Climb any mountain, aim high for laughs

Andy Kirkpatrick
Andy Kirkpatrick

On his website, Andy Kirkpatrick bills himself as “Climber. Author. Stand up.”

Spend an evening in his audience and you find he is far more than the sum of those already interesting parts.

It’s a world away from traditional stand up, although funny. Kirkpatrick simply wanders on without razzmatazz and begins talking about his life, illustrating with film clips and heartstopping stills of him and others clinging like bluebottles to sheer rockfaces.

Think a cross between your dad’s holiday slides and a Powerpoint presentation on extreme mountaineering.

Inappropriate Climbing opens with his son being diagnosed with ADHD and Kirkpatrick having to absorb the fact he almost certainly has the same condition, since “it’s hereditary, you know.”

Among the official list of symptoms noted by teachers which led to son Alex’s diagnosis is a penchant for the titular “inappropriate climbing”.

But, as Kirkpatrick reflects, “That’s my whole (expletive deleted) life!”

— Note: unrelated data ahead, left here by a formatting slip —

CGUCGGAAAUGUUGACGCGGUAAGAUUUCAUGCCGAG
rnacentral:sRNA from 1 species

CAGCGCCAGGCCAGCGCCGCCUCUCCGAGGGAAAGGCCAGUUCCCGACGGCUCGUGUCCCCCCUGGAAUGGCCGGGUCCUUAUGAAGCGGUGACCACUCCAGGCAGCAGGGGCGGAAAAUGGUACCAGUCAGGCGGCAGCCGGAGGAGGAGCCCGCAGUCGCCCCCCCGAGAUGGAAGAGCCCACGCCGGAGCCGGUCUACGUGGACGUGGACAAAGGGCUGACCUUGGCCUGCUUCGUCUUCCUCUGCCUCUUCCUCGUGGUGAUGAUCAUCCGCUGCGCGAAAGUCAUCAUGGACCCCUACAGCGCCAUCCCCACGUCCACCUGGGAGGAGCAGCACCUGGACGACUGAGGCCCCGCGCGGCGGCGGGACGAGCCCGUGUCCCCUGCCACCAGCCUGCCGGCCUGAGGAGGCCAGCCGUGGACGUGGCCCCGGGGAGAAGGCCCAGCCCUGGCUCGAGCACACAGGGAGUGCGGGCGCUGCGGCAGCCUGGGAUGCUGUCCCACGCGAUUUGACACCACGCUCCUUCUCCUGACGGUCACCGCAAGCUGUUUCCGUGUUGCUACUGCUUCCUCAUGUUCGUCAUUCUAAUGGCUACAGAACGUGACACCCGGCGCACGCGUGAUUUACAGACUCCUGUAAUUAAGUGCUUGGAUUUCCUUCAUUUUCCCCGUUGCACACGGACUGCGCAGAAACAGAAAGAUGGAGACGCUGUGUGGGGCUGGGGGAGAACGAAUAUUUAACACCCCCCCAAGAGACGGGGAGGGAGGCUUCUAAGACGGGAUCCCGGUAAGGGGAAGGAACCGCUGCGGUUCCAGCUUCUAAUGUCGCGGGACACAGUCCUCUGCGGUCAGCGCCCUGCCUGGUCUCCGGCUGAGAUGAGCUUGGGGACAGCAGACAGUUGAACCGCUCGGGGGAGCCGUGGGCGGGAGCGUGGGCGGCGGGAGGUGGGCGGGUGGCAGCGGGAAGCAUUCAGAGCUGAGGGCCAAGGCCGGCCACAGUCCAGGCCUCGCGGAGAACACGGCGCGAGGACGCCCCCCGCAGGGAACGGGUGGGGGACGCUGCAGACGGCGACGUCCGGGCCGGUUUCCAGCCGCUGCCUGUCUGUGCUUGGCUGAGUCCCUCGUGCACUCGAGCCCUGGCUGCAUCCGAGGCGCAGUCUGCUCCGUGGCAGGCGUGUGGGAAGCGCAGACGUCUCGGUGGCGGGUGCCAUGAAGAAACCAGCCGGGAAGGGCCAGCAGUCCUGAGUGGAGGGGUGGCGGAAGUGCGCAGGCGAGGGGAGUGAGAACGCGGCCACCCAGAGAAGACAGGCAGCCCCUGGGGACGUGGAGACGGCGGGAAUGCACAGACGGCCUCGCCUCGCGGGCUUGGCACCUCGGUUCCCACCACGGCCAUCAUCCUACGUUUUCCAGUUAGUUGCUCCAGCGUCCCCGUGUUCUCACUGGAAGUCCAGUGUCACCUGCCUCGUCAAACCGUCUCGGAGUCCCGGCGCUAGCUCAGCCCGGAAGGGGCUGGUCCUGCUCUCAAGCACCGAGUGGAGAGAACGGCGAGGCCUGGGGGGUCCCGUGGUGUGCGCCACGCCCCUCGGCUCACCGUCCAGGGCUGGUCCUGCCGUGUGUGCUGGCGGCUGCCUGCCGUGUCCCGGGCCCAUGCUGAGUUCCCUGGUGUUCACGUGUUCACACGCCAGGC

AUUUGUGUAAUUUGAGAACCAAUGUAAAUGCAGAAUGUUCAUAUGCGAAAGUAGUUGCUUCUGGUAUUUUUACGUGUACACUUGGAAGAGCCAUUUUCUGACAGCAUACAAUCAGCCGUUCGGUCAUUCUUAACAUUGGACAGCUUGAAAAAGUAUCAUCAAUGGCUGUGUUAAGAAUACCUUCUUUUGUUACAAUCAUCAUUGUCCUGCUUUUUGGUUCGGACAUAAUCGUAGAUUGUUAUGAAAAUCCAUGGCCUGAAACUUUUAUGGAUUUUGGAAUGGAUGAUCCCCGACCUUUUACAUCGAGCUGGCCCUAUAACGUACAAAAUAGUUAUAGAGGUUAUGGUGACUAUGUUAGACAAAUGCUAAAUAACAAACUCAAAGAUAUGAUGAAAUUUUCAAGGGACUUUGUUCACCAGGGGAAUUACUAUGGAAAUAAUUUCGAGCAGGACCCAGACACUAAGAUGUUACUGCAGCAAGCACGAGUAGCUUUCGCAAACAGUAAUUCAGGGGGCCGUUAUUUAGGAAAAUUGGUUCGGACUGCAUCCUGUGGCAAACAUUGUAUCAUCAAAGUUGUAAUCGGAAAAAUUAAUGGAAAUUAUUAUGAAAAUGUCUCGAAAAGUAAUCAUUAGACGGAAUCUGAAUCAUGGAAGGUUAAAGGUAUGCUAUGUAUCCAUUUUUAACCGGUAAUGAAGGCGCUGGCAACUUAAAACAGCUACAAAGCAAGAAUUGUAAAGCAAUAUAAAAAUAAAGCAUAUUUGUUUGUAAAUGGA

Kirkpatrick specialises in, basically, throwing himself up the world’s largest lumps of rock, the more crumbly and dangerous the better.

He is so self deprecating you only gradually come to understand how extraordinary a climber he is.

He tackles not only tough climbs like the North Face of the Eiger, Norway’s epic Troll Wall or Yosemite’s El Capitan, he drags everyone, from his teenage daughter to TV presenter Alex Jones along with him compensating for their weakness by driving himself even harder.

Metro said Kirkpatrick “makes Ray Mears look like Paris Hilton” but his show has nothing of the self serving derring do of most climbing biographies. Instead, it brings bellylaughs aplenty, a no frills view of a world of extreme banter you’ll never see unless you have the guts to sleep sandwiched between two other men halfway up a sheer cliffs on a tiny nylon shelf.

Is ADHD fundamental to the way he hurls himself up mountains, allowing him to remain oddly detached from the consequences while reaching some fascinating and highly original conclusions about the nature of achievement?

Kirkpatrick, right, offers more than an entertaining night out. This is an education in climbing impossible mountains – both real and imagined.

Judith Dornan